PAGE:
Magnetic declination, also known as compass variation, plays a vital role in the world of navigation. It represents the angular measurement of the difference between the direction indicated by a compass (magnetic north) and the true north direction as depicted on a globe or map (geographic north). This disparity is a result of the Earth's complex and ever-changing magnetic field.

Key Information about Magnetic Declination:

1. Variable in Time and Space: Magnetic declination is far from a constant value. It fluctuates both over time and across Earth's surface due to the dynamic nature of the planet's magnetic field. These fluctuations are influenced by changes in the Earth's molten core and the movement of the Earth's magnetic poles.

2. Local Variations: The value of magnetic declination can significantly differ depending on your location on Earth. In certain places, a compass may align perfectly with geographic north, while in others, it may deviate considerably to the east or west.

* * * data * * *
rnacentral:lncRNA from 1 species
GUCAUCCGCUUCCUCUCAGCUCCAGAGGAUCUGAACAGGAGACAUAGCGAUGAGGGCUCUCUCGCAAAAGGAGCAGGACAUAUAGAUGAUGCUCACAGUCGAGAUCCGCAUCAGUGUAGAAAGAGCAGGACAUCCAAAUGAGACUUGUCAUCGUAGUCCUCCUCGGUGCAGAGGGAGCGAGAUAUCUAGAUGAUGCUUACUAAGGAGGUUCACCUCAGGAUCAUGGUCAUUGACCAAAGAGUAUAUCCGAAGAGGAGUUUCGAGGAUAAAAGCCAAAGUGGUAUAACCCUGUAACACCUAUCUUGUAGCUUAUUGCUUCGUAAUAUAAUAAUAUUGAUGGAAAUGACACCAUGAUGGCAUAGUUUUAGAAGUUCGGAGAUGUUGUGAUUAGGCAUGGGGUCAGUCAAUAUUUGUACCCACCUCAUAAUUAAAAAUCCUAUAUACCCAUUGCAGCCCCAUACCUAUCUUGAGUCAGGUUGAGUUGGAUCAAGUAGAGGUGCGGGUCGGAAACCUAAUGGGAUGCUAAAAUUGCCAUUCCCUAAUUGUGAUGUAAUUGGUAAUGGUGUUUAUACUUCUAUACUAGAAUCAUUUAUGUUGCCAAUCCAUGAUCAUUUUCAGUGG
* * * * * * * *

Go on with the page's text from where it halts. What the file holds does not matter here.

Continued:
3. Expressing Magnetic Declination: Magnetic declination is expressed in degrees and minutes. For instance, a declination of -10° means that magnetic north deviates 10 degrees westward from geographic north.

4. Correcting for Declination: To use a compass accurately on a map, you must adjust its readings to account for the current magnetic declination at your location. This adjustment entails knowing how many degrees east or west you need to add or subtract from the compass reading to obtain the true direction on the map.

5. Impact on Navigation: Neglecting to consider magnetic declination in navigation can lead to errors in determining directions, which can have significant consequences, especially in remote or challenging terrains.

6. Access to Declination Data: Up-to-date information regarding magnetic declination is available from various sources, including geophysical agencies and navigation organizations. This information is regularly updated and is crucial for pilots, mariners, surveyors, and anyone relying on a compass for navigation.

In summary, magnetic declination is a critical aspect of navigation when using a compass. It must be taken into account to obtain accurate direction readings on a map. The difference between magnetic north and geographic north arises from the intricate nature of the Earth's magnetic field and its changes over time and space. Understanding and correcting for magnetic declination are essential skills for precise and reliable navigation.

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